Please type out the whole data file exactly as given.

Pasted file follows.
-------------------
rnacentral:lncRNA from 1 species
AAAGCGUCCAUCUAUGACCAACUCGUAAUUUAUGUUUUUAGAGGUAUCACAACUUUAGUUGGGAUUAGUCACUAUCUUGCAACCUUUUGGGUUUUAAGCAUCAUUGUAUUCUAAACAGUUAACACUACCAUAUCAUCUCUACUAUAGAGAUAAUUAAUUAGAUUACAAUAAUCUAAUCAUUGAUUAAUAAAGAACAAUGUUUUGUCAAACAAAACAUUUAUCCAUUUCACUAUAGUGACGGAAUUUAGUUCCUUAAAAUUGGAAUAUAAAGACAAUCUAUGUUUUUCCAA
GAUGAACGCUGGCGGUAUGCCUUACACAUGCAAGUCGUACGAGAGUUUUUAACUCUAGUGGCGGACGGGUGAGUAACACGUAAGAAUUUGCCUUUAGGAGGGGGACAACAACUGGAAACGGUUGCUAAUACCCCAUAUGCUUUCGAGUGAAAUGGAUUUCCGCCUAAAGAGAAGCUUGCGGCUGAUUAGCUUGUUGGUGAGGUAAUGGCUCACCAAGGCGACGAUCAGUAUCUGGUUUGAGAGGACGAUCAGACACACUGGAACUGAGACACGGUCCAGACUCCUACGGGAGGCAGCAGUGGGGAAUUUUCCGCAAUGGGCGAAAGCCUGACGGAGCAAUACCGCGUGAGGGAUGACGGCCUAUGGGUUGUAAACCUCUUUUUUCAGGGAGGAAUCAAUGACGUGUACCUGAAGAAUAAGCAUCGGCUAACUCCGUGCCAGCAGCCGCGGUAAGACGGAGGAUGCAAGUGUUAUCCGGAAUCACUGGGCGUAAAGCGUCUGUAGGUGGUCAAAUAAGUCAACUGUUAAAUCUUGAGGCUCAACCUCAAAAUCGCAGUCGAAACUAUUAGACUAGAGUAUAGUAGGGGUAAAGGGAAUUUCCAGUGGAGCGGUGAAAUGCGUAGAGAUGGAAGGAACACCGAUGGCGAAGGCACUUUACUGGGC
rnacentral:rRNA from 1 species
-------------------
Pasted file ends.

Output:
rnacentral:lncRNA from 1 species
AAAGCGUCCAUCUAUGACCAACUCGUAAUUUAUGUUUUUAGAGGUAUCACAACUUUAGUUGGGAUUAGUCACUAUCUUGCAACCUUUUGGGUUUUAAGCAUCAUUGUAUUCUAAACAGUUAACACUACCAUAUCAUCUCUACUAUAGAGAUAAUUAAUUAGAUUACAAUAAUCUAAUCAUUGAUUAAUAAAGAACAAUGUUUUGUCAAACAAAACAUUUAUCCAUUUCACUAUAGUGACGGAAUUUAGUUCCUUAAAAUUGGAAUAUAAAGACAAUCUAUGUUUUUCCAA
GAUGAACGCUGGCGGUAUGCCUUACACAUGCAAGUCGUACGAGAGUUUUUAACUCUAGUGGCGGACGGGUGAGUAACACGUAAGAAUUUGCCUUUAGGAGGGGGACAACAACUGGAAACGGUUGCUAAUACCCCAUAUGCUUUCGAGUGAAAUGGAUUUCCGCCUAAAGAGAAGCUUGCGGCUGAUUAGCUUGUUGGUGAGGUAAUGGCUCACCAAGGCGACGAUCAGUAUCUGGUUUGAGAGGACGAUCAGACACACUGGAACUGAGACACGGUCCAGACUCCUACGGGAGGCAGCAGUGGGGAAUUUUCCGCAAUGGGCGAAAGCCUGACGGAGCAAUACCGCGUGAGGGAUGACGGCCUAUGGGUUGUAAACCUCUUUUUUCAGGGAGGAAUCAAUGACGUGUACCUGAAGAAUAAGCAUCGGCUAACUCCGUGCCAGCAGCCGCGGUAAGACGGAGGAUGCAAGUGUUAUCCGGAAUCACUGGGCGUAAAGCGUCUGUAGGUGGUCAAAUAAGUCAACUGUUAAAUCUUGAGGCUCAACCUCAAAAUCGCAGUCGAAACUAUUAGACUAGAGUAUAGUAGGGGUAAAGGGAAUUUCCAGUGGAGCGGUGAAAUGCGUAGAGAUGGAAGGAACACCGAUGGCGAAGGCACUUUACUGGGC
rnacentral:rRNA from 1 species